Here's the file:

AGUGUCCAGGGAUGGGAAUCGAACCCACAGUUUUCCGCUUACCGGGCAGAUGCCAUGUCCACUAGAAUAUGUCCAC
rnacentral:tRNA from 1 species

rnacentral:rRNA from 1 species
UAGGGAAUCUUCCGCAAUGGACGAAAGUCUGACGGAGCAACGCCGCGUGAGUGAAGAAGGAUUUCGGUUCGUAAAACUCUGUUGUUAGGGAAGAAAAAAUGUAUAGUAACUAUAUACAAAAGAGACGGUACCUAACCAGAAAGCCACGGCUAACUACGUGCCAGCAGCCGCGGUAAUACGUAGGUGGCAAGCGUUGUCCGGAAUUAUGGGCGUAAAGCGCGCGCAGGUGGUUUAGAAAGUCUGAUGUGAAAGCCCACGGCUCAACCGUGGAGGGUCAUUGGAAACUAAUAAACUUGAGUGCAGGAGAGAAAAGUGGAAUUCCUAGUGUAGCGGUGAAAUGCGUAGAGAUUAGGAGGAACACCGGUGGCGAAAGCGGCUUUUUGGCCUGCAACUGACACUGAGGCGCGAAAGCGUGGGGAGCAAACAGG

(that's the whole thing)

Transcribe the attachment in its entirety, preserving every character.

AGUGUCCAGGGAUGGGAAUCGAACCCACAGUUUUCCGCUUACCGGGCAGAUGCCAUGUCCACUAGAAUAUGUCCAC
rnacentral:tRNA from 1 species

rnacentral:rRNA from 1 species
UAGGGAAUCUUCCGCAAUGGACGAAAGUCUGACGGAGCAACGCCGCGUGAGUGAAGAAGGAUUUCGGUUCGUAAAACUCUGUUGUUAGGGAAGAAAAAAUGUAUAGUAACUAUAUACAAAAGAGACGGUACCUAACCAGAAAGCCACGGCUAACUACGUGCCAGCAGCCGCGGUAAUACGUAGGUGGCAAGCGUUGUCCGGAAUUAUGGGCGUAAAGCGCGCGCAGGUGGUUUAGAAAGUCUGAUGUGAAAGCCCACGGCUCAACCGUGGAGGGUCAUUGGAAACUAAUAAACUUGAGUGCAGGAGAGAAAAGUGGAAUUCCUAGUGUAGCGGUGAAAUGCGUAGAGAUUAGGAGGAACACCGGUGGCGAAAGCGGCUUUUUGGCCUGCAACUGACACUGAGGCGCGAAAGCGUGGGGAGCAAACAGG